A gunpowder explosion in 1809 completely damaged most of the buildings along the Steenschuur canal. The gunpowder explosion had a huge effect on the cityscape in this part of Leiden. After the explosion, the Kamerlingh Onnes Building was built on top of a small ruin along the Steenschuur canal. This building used to be a physics laboratory, but it currently houses the law faculty of Leiden University.
Oude Rijn & Kerkbrug
The area surrounding the Oude Rijn river is a lovely area with lots of greenery, pretty houses and pretty boats. We loved walking around this area and taking a photo with the Kerkbrug (Church Bridge) in the background. The Kerkbrug is a cast iron drawbridge and was constructed around 1867. Fun fact: the Kerkbrug is one of the few remaining bridges that has to be opened by hand.
Burcht van Leiden
The Leidse Burcht (Fortress of Leiden) is one of the last remaining fortresses in the Netherlands. The fortress is located in the center of Leiden and is built on top of an artificial hill. The fortress was built in the 11th century, which makes it one of the oldest fortresses in the Netherlands. The purpose of the fortress was to protect the inhabitants of Leiden during wars. These days, the fortress is just a symbol to the city. From the top of the fortress, you have a beautiful view. There’s no entrance fee.
Leiden used to have eight city gates and, together with the Morspoort, the Zijlpoort is one of the last two remaining city gates. The gate was constructed in 1667 in classicist style. It’s a beautiful piece of history and a lovely photo spot as well.
Shopping in Leiden
Besides all the historic sightseeing spots, Leiden is also a great city for shopping. Leiden offers a good collection of shops and the shopping area isn’t too extensive. You can also find lots of cafés in the shopping area where you can have a nice cup of coffee or lunch.
The top floor of the Hudson’s Bay has a nice rooftop terrace with a beautiful view over the city. The rooftop is part of a self-serviced café called La Place. Unfortunately, Hudson’s Bay is closed as of December 2019 and La Place decided to close its doors too. We don’t know about future exploitation plans for the building at Aalmarkt 22, but when it’s open again it’s absolutely worth it to check the rooftop view.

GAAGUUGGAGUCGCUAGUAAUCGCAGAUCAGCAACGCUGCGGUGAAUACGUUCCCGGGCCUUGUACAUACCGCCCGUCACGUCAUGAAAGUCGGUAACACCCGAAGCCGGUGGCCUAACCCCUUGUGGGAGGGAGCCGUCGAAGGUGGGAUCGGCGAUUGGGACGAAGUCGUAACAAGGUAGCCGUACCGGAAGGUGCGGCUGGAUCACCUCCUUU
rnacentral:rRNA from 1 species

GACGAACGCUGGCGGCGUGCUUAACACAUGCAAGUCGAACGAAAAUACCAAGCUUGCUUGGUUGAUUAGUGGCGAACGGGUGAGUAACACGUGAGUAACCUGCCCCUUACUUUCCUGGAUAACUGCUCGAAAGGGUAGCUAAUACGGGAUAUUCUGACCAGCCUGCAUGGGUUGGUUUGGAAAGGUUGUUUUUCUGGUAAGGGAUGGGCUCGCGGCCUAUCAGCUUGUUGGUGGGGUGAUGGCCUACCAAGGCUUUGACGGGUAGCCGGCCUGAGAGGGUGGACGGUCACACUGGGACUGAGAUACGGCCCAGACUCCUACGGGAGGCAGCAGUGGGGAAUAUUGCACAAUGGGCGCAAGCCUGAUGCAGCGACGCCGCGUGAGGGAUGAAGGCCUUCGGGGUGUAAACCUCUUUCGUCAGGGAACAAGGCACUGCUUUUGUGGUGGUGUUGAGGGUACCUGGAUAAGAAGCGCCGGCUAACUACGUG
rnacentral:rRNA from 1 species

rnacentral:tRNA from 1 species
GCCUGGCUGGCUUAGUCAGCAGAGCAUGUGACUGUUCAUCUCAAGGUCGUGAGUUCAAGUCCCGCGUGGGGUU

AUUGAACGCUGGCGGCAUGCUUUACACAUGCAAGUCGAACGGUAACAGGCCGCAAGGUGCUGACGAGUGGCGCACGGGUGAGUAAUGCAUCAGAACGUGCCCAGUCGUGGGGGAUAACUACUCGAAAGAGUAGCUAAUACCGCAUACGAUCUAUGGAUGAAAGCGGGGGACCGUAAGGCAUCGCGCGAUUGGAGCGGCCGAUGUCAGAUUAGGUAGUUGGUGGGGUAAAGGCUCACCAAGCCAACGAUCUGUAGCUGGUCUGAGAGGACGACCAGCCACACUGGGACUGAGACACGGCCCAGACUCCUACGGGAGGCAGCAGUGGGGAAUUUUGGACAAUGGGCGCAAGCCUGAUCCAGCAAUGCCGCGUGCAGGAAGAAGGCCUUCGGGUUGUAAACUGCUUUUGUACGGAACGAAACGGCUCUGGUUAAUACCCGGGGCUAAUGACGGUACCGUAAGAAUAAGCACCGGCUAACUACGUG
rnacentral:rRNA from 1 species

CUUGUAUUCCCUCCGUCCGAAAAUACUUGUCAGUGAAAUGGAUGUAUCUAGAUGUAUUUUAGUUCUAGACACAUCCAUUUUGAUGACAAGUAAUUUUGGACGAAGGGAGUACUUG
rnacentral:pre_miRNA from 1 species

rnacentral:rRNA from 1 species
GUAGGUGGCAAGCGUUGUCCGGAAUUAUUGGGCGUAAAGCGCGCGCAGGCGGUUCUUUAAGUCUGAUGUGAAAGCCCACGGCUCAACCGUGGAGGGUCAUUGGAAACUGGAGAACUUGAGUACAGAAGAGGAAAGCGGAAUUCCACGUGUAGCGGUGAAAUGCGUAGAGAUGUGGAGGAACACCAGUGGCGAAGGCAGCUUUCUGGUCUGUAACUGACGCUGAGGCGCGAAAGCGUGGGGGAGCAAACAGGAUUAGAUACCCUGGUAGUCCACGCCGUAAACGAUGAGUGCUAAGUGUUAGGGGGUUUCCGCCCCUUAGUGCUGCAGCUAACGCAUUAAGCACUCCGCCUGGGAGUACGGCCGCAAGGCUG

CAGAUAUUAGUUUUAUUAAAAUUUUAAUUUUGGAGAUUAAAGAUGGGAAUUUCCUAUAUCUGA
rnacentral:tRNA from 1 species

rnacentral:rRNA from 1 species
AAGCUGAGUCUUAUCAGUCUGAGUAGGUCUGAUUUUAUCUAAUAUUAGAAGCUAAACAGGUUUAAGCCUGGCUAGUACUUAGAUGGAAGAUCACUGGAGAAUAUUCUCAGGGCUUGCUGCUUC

Getting around Leiden
Everything in Leiden is within walking distance and it’s easiest to get around by foot. If you don’t want to walk, there are also buses driving in the city.
Another fun thing to do is to rent a bike in Leiden and explore the tulip fields in the area in Spring. Lisse and Noordwijkerhout are around a 50-minute bicycle ride from Leiden and you can find many tulip fields and other bulb fields in the area. Read more about the tulip fields in and around Lisse .
How to get to Leiden
From Amsterdam, the easiest way to get to Leiden is by train. The train ride takes 40 minutes and there are multiple trains leaving every hour. Leiden is also well-connected to other big cities in the Netherlands such as Rotterdam and The Hague.
We hope we’ve inspired you to visit the historic city of Leiden during your stay in the Netherlands. Have you been to the Netherlands or is it on your bucket list? Let us know in the comments below!